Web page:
Brett Roper


Local outdoors columnist

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This year’s upcoming waterfowl season is shaping up to be an interesting one. The primary reasons for this are there will likely be fewer ducks and lower water levels due to the regional drought. Currently, all the watersheds providing water to the Great Salt Lake are considered to be in either severe or extreme drought. Each of the last three years have seen below average precipitation and the Great Salt Lake is currently at a record low, four feet lower than it was in 2019. Given how shallow this lake is, means there is currently little standing water in its Bear River arm.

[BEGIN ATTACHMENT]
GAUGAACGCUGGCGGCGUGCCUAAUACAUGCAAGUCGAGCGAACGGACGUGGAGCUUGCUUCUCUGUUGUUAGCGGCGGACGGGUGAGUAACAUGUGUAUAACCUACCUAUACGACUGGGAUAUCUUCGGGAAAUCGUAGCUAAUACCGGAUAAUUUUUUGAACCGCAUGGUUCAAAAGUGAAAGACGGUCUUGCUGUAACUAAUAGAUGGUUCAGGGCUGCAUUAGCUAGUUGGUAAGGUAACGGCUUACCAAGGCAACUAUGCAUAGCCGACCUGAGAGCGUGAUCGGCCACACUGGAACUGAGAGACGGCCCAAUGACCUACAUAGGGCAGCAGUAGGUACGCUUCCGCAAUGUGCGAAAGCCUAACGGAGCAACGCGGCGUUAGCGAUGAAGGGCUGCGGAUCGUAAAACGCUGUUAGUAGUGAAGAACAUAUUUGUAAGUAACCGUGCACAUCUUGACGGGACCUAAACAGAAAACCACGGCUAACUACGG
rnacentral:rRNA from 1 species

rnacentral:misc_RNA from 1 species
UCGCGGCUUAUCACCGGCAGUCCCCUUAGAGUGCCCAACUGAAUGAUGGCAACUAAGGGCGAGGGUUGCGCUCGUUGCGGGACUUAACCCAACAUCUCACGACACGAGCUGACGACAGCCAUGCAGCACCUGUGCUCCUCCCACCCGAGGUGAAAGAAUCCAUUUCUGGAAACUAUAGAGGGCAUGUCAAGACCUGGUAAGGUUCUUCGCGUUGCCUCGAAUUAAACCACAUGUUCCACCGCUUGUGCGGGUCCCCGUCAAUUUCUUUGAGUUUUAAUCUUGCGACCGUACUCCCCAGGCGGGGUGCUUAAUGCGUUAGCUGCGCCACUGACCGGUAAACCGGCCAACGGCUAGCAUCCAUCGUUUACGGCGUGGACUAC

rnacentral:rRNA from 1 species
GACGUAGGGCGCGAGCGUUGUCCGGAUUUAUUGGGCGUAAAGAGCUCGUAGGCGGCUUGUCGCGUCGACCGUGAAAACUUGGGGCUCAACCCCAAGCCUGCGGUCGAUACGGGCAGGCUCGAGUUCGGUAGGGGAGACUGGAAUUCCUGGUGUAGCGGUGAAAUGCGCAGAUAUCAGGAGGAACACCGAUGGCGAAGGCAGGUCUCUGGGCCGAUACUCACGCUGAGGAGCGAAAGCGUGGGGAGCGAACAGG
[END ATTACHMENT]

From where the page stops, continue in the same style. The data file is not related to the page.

Unlike the previous two pandemic years, waterfowl breeding bird surveys were conducted in the spring of 2022. Numbers of nearly every duck species commonly harvested in northern Utah and southeastern Idaho, to include mallards, widgeon, gadwall, green-winged teal, and pintails, are all down. The estimated number of breeding ducks was nearly 38.9 million birds in 2019. This year the number is closer to 34.2 million. You have to go back to 2005 to find duck populations that low. It is far lower than the 49.5 million ducks that flew south in 2015.

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